Customer Service | Help | FAQ | PEP-Easy | Report a Data Error | About
Tip: To zoom in or out on PEP-Web…

PEP-Web Tip of the Day

Are you having difficulty reading an article due its font size? In order to make the content on PEP-Web larger (zoom in), press Ctrl (on Windows) or ⌘Command (on the Mac) and the plus sign (+). Press Ctrl (on Windows) or ⌘Command (on the Mac) and the minus sign (-) to make the content smaller (zoom out). To go back to 100% size (normal size), press Ctrl (⌘Command on the Mac) + 0 (the number 0).

Another way on Windows: Hold the Ctrl key and scroll the mouse wheel up or down to zoom in and out (respectively) of the webpage. Laptop users may use two fingers and separate them or bring them together while pressing the mouse track pad.

Safari users: You can also improve the readability of you browser when using Safari, with the Reader Mode: Go to PEP-Web. Right-click the URL box and select Settings for This Website, or go to Safari > Settings for This Website. A large pop-up will appear underneath the URL box. Look for the header that reads, “When visiting this website.” If you want Reader mode to always work on this site, check the box for “Use Reader when available.”

For the complete list of tips, see PEP-Web Tips on the PEP-Web support page.

Alexander, F. (1956). Two Forms of Regression and their Therapeutic Implications. Psychoanal Q., 25:178-196.

(1956). Psychoanalytic Quarterly, 25:178-196

Two Forms of Regression and their Therapeutic Implications

Franz Alexander, M.D.


Originally Freud described regression as a trend to return from a later acquired, more advanced form of ego and instinct organization to a more primitive phase. This occurs when the ego is confronted with a conflict situation it cannot master and returns to a phase of its development which was still successful: it returns to a preconflictual state ('fixation points'). The greater the cathexis of the fixation point, the more likely will be a regression to it if later conflicts arise. Later Freud described another type of regression and fixation: fixation to an unresolved traumatic conflict. Traumatic dreams are common examples. The return to such unsettled traumatic situations does not serve any gratification. They are painful and cannot be explained by the assumption that the organism is always motivated by avoiding the unpleasant tensions caused by the pressure of unsatisfied instinctual needs which it tries to eliminate by seeking gratification which in itself is pleasurable. Freud's explanation for this type of phenomena was that the ego's fundamental task is to maintain a stable equilibrium within the mental apparatus; if it fails to fulfil this task, it retains a tendency to achieve a belated mastery. It again and again returns to the traumatic event in order to resolve the tension.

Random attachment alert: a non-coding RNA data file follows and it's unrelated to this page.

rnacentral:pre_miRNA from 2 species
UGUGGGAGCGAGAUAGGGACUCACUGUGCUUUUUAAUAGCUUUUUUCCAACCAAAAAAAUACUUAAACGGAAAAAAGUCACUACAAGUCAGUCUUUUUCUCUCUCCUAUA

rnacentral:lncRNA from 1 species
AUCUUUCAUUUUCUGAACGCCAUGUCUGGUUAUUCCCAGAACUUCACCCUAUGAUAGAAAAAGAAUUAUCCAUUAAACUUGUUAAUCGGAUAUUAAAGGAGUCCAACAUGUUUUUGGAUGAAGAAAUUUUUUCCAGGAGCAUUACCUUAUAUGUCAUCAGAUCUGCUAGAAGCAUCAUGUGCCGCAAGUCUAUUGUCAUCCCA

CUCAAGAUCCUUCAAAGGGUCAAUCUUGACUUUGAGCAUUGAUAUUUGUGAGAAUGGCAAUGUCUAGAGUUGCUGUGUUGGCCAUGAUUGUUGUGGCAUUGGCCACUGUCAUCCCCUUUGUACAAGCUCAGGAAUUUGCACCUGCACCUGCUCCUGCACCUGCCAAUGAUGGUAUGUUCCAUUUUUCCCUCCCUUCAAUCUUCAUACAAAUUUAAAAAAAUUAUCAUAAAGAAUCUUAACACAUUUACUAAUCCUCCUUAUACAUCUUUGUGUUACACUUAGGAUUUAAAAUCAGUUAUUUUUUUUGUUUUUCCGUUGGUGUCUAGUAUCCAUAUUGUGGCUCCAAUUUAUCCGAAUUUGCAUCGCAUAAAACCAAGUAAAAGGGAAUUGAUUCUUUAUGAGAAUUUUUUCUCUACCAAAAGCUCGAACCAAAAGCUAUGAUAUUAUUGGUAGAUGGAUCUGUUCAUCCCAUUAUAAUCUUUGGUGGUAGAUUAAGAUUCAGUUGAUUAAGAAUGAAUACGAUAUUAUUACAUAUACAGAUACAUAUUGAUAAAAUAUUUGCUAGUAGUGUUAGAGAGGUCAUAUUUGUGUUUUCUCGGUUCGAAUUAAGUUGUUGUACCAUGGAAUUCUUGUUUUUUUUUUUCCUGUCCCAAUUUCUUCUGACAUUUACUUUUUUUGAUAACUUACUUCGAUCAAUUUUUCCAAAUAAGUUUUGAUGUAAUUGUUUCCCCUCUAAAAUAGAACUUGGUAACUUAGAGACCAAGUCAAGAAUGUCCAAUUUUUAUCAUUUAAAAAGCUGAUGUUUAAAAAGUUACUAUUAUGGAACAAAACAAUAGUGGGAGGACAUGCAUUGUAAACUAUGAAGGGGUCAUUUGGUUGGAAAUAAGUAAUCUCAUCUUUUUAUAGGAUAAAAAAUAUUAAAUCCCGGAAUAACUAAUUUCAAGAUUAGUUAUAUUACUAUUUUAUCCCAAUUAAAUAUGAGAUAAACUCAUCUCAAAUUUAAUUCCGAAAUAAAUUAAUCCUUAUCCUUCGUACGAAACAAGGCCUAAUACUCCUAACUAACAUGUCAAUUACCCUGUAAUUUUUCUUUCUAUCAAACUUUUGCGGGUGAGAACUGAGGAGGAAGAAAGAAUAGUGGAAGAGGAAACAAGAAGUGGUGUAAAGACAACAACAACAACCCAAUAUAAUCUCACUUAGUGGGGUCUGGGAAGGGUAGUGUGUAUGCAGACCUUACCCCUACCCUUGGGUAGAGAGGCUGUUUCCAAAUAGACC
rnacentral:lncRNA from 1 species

Fenichel has pointed out that the concept of repetition compulsion should be revised in the light of these new formulations. He showed that the term repetition compulsion refers to quite different phenomena. He describes three of these: first, repetition compulsion which is based on periodicity of instinct; second, repetitions due to the tendency of the repressed to find an outlet; and finally, repetitions of traumatic events for the purpose of achieving a belated mastery. In spite of its theoretical significance this principle of mastery has not yet been applied for the understanding of the therapeutic process.